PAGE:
In Daniel Crews-Chubb’s expressionist paintings, primal instincts prevail, writes Tausif Noor in Phaidon’s new book Prime: Art’s Next Generation. "The artist draws inspiration from the long arc of art history, gathering references from cultural traditions across time and geography, from Greek mythology to European Post-Impressionist painting and the Yasigi goddess masks of the Dogon people of West Africa. In accordance with this diverse array of source material, Crews-Chubb utilizes a variety of materials and methods to construct—and deconstruct, and then construct again—densely layered collages onto his canvases, which feature large, gestural drawings of human figures and still-life scenes. Zeus(!) blue (2019), for instance, offers a reinterpretation of the Greek deity of the sky and thunder.
Though Greek mythology emphasizes the capricious whims and desires of Greek gods and goddesses so as to draw them closer to humans, depictions of these deities in antiquity tended to take the forms of idealized human bodies. Here, rather than follow the standard typology of Zeus—hypermasculine, aged, muscular, and dignified, to befit his role as chief of Mount Olympus— Crews-Chubb elects to render Zeus in quick, wisp-like strokes of charcoal and ink that exaggerate the deity’s limbs, fingers, and toes, a wily and unkempt figure that errs closer to mortal flesh than it does a heavenly body. Layered onto the canvas is a patchwork of fabric, oil paint, pastel, charcoal, ink, coarse pumice gel, and sand, continually reworked to create a chaotic, raw, and richly textured surface.
Daniel Crews-Chubb – Where the wild things are (teal), 2020; courtesy Timothy Taylor and the artist
Such a combination of styles and materials on a larger-than-life scale exemplifies Crews-Chubb’s mode of expression, which is not to provide viewers with a staid, replicable image of his subjects—be they gods or everyday objects—but rather to expand definitions of both the human figure and inanimate objects. Blurring the formal boundaries between human and nonhuman through line and color, Crews-Chubb evocatively proposes that our own perception of ourselves—our construction of identity—may, too, be an artistic conceit.
The artist captures the essence of his subject matter but does not limit how that essence is expressed, adopting a recombinatory approach that continually shifts the viewer’s ability to identify the painting’s real-life referent.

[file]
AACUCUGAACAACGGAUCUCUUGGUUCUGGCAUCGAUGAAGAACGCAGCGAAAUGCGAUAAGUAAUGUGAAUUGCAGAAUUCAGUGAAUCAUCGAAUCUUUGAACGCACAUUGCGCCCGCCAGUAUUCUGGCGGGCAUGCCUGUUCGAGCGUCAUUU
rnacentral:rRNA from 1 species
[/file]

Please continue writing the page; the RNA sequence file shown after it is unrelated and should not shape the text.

Daniel Crews-Chubb – Zeus(!) (red, yellow, blue, green), 2019; courtesy Vigo Gallery and the artist
Crews-Chubb, whose work draws comparison to the hodgepodge figuration of painters Willem de Kooning and Jean-Michel Basquiat, also incorporates widely recognizable art-historical references into his works, such as in Flowers (after Van Gogh) (2020). Using a variety of materials, Crews-Chubb retains van Gogh’s iconic vase of flowers as the focal point of the painting but obscures it through contradicting perspectives and colors. Piecing them together, a hazy, expressionist image emerges, and Crews-Chubb shows that our perceptions and memories of the visual world around us are, too, a kaleidoscope of many fragments." - Tausif Noor.
Crews-Chubb is one of over a hundred contemporary artists to be featured in Prime: Art's Next Generation, Phaidon's new survey of promising contemporary artists. We asked him a few questions about his life and art. When you've read the story take a look at Crews-Chubb's artist page on Artspace.
Daniel Crews-Chubb – Flowers (after Van Gogh), 2020; courtesy Vigo Gallery and the artist
How would you describe what you do? I would describe what I do as experimental collage paintings. For me, the surface is as important as the image. The surfaces get built up quite heavily through a cocktail of paint, sand, pumice gel, ink, spray paint, charcoal and collaged fabrics. The collage element provides me with an immediate way of editing and changing areas of the painting that are not working, or that I want to correct or rebalance.
What’s the most exciting thing about where you are in your career right now? All artists have completely different trajectories, there are different moments or speeds at which things happen. For some artists things happen quickly, they start with a boom, while for others it may be a much slower process – it’s the nature of the industry, which is often driven by trends. For me personally, I’m most excited about my upcoming museum shows, the Ashmolean in Oxford next year and the Long Museum in Shanghai the following- it's exciting to know my paintings will be showcased to a much broader audience.
What’s on your mind right now? I’m currently thinking about what subject to paint next. Until this point my practice has consisted predominantly of depictions of figures, then I incorporated the flowers, and I have painted a few animals but would like to expand on this subject by shifting the focus to mythical creatures and then potential landscape. I’d like to see if my style would translate to landscape.
What is a typical working day for you? A typical working day for me is getting into the studio quite early, spending quite a lot of time just looking at what I produced the day before. I work in series, so I may have 10, 11 or 12 paintings all on the wall at once and I work on them all simultaneously – that way each painting in the series informs one another, there is a cohesion. I paint manically for around 4 or 5 hours. And then I go home to spend time with my family.
What are the hardest things for you to get ‘right’ and what are your unique challenges? For me the hardest part to get right is keeping a tension between figuration and abstraction but also beauty and ugliness. It’s a very fine line for me to get the right balance. I’m interested in a raw type of beauty which incorporates ugliness, imperfections – for me something too beautiful almost feels false, artificial, like a trick. Paintings somehow become boring to me if they are too pretty.